EXISTING LAND USE SUMMARY
The majority of the Fish Creek/Little Prospect Mountain Planning Area lies within Town boundaries. The upper portion of Prospect Mountain is an enclave not within Town boundaries. The eastern boundary of the planning area is not within Town boundaries. The southern boundary of the planning area is the existing Town boundary. The 18-hole municipal golf course is in the center of the planning area.
A wide variety of land uses are found within this planning area. On an acreage basis, single-family housing encompasses the largest area.
The northwest quadrant of the planning area, which includes the area west of Highway 7 and north of the golf course, includes very diverse uses. Large-lot single-family homes can be found north of the hospital on Little Prospect Mountain. Small-lot single-family residences and multi-family development exist east and south of the hospital. In the Commanche/Dunraven area, a service/industrial area is located. South of this area, the predominant land use once again returns to single-family residences. On both sides of Highway 7 from the US 36/Highway 7 intersection to Graves Avenue, there are highway commercial uses. The Estes Park Conference Center and Bureau of Reclamation power plant are also located here.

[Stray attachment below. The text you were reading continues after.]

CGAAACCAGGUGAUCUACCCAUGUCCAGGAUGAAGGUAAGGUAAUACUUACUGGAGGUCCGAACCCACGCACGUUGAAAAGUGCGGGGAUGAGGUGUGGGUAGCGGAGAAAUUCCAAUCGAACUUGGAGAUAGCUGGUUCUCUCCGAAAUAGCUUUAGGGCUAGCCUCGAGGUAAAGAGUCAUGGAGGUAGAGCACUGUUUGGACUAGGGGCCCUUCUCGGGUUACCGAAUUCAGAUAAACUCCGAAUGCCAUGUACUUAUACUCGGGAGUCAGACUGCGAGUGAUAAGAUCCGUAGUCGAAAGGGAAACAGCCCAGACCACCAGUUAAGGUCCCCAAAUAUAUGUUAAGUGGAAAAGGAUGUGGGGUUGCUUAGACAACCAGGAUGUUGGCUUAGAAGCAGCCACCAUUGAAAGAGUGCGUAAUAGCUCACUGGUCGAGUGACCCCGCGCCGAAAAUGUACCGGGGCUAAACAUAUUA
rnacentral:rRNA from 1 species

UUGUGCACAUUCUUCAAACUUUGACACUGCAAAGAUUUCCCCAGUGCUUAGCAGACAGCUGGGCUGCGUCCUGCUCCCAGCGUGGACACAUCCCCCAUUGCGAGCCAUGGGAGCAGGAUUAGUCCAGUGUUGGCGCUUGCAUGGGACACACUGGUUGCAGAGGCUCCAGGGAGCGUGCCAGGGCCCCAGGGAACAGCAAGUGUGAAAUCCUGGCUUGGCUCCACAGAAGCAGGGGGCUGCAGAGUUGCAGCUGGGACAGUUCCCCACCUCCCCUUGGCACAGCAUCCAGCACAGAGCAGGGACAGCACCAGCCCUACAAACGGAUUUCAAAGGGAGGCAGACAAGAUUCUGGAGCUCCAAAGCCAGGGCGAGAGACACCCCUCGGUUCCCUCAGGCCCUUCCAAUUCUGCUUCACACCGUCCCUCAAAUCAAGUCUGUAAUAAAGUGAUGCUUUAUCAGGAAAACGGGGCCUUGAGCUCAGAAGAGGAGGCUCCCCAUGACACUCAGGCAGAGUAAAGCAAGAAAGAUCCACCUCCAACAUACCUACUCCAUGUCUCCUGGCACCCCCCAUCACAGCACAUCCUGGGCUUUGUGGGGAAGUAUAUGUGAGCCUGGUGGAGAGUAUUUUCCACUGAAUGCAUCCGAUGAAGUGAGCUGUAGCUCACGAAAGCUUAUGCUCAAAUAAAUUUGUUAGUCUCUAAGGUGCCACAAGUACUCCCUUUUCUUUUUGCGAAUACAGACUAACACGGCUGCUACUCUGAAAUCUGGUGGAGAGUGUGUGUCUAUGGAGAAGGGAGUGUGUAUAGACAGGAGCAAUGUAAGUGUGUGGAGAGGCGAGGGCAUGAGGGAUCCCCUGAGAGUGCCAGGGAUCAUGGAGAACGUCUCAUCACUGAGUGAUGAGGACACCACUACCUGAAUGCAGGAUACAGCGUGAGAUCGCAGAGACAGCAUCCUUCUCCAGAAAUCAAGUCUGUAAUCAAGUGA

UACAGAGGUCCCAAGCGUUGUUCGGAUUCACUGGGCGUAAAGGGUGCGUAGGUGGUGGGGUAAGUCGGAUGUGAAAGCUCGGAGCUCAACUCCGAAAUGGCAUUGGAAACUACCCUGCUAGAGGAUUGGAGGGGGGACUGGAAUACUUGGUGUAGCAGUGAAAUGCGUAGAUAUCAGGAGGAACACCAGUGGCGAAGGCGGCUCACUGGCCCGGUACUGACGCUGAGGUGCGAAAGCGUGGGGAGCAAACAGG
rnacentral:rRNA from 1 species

East of Highway 7 and north of the golf course, there is a wide variety of land uses. The Stanley Park Fairgrounds is located here, along with the Reclamation Subdivision small-lot single-family residential area and the museum adjacent to US 36. Farther east is the school campus adjacent to Lake Estes. To the west is a commercial area. North of the golf course are two condominium developments, a vacant tract, and a small 10+ acre single-family subdivision. To the south in Country Club Estates is a large-lot single-family subdivision which abuts the golf course.
The southwest quadrant, which includes the land west of Highway 7 and
south and west of the golf course, consists mostly of single-family residential